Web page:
Murray: Injury not to blame
Andy Murray insists his back surgery should no longer be considered a factor when analysing defeats such as the one to Milos Raonic that sent him crashing out of the BNP Paribas Open.
The Wimbledon champion fell away alarmingly in the deciding set of his fourth-round clash with the big-serving Canadian at Indian Wells Tennis Garden.
Having broken to lead 2-1, Murray lost five of the last six games to slump to a 4-6 7-5 6-3 defeat.
Murray had battled through to the fourth round despite being far from his best, and one of the most disappointing things about the outcome was that for much of the match against Raonic it looked like he had found his form.
This was the 26-year-old's fifth tournament since his back operation in September and he arrived in the Californian desert upbeat about his progress and declaring himself back to normal.
And Murray felt physical issues did not offer any explanation for his final-set collapse.
He said: "It shouldn't really be down to not playing enough matches. I feel like I've played enough.
"Right now I'm not pulling up after matches stiff or sore or anything like that. So I think I'm match fit, match tight. Maybe I'm making some bad decisions in those situations.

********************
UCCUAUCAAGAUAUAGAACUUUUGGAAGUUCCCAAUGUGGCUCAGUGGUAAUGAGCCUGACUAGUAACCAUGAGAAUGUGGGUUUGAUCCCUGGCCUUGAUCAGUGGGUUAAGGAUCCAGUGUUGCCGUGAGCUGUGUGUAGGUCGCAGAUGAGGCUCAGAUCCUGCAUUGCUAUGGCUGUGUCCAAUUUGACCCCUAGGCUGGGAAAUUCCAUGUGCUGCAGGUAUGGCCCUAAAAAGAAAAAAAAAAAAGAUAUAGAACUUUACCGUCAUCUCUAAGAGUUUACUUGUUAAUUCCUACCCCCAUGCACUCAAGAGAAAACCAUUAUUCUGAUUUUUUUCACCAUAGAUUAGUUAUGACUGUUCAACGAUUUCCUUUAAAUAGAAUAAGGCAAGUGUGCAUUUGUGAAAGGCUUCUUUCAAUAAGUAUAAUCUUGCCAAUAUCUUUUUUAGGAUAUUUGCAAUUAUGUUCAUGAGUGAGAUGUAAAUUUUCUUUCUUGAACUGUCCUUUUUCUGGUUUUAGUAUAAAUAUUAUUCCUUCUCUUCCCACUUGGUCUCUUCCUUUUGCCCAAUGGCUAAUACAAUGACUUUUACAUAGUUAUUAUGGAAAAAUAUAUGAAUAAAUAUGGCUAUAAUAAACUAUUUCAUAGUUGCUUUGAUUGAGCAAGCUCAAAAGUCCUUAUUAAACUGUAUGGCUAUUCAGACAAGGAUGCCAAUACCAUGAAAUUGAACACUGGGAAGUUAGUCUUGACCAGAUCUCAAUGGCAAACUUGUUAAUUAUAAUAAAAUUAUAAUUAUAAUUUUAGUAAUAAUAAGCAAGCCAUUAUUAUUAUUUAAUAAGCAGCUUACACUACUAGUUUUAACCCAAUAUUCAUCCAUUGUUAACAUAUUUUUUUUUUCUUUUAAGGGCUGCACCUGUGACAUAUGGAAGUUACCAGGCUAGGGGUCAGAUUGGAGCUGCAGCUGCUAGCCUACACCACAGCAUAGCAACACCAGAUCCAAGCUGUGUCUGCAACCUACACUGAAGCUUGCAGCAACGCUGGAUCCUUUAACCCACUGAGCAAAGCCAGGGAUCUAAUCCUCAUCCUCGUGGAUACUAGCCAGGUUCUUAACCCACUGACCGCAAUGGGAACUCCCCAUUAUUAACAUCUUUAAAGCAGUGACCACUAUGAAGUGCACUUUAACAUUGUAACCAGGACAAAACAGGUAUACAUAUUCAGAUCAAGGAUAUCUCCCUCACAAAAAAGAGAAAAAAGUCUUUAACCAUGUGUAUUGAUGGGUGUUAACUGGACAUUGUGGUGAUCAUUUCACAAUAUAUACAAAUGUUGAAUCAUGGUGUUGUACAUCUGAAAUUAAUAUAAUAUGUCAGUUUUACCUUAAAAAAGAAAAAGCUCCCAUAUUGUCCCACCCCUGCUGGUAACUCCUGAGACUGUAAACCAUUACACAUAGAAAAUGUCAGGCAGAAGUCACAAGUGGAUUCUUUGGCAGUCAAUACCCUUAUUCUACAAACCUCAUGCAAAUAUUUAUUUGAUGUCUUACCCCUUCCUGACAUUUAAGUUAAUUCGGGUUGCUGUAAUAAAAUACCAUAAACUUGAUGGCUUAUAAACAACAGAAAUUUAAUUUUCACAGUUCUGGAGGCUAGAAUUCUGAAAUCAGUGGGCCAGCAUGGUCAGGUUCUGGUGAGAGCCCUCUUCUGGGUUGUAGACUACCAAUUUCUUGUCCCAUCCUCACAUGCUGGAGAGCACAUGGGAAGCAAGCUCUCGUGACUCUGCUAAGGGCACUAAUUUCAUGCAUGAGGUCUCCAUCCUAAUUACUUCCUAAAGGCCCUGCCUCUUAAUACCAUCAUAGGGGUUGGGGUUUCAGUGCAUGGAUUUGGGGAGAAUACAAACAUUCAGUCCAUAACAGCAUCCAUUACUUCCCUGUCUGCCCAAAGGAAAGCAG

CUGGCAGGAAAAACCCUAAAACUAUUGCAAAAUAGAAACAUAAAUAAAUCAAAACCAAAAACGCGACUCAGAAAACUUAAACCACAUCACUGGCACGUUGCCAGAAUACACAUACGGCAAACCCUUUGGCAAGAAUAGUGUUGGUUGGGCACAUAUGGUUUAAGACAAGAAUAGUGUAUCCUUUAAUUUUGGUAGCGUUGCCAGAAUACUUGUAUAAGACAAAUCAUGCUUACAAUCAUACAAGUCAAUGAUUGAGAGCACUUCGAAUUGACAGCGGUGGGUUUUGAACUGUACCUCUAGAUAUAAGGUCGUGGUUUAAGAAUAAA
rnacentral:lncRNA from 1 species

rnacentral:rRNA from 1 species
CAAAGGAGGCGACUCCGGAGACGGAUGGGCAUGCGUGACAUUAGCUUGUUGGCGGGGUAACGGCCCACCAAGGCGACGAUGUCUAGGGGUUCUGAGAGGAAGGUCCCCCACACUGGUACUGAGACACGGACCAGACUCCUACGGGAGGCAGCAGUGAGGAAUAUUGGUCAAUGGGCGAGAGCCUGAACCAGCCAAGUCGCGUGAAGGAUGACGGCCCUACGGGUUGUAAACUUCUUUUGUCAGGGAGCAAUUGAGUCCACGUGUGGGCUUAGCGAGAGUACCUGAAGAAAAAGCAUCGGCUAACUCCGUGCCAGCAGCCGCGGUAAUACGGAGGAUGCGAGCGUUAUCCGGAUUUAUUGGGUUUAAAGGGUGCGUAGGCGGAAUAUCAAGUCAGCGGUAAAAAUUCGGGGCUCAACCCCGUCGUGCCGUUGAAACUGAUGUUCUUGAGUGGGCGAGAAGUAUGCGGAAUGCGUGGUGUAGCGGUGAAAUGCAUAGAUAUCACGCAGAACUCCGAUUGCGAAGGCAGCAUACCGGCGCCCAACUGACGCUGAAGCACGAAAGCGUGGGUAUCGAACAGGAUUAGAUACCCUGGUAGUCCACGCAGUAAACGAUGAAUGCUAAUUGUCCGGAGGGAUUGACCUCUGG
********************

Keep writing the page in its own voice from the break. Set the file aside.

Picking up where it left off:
"But I'll need to have a think about it and have a look at what happened. All of the shots kind of deserted me a bit."
The only explanation Murray could come up with for his poor play was a lack of confidence, although he insisted he has been generally happy with his performances this season.
He said: "The third set, that's concerning for me. The rest of the matches I have played since I have come back, I haven't been particularly concerned about them.
"Australia was good, Davis Cup was good, Acapulco was good. Today was fine until I went ahead in the third set, and then I was poor. It wasn't good enough.
"To get broken two consecutive times in that situation isn't good enough. I played poor tennis at that stage.
"I didn't make enough balls, missed easy shots, b ut like really easy shots, not like ones that are deep balls where you're just trying to get it back into play. There were some where he was standing at the net and I just had to hit it to the other side.
"The third set was just a bad, bad set of tennis. That's what's disappointing for me, because the rest of the match was okay."
Murray now heads to his second home of Miami to defend his title at the Sony Open, which begins next week.
Unlike Indian Wells, Crandon Park is a venue where he has had a lot of success, and he will desperately hope it can be the same again.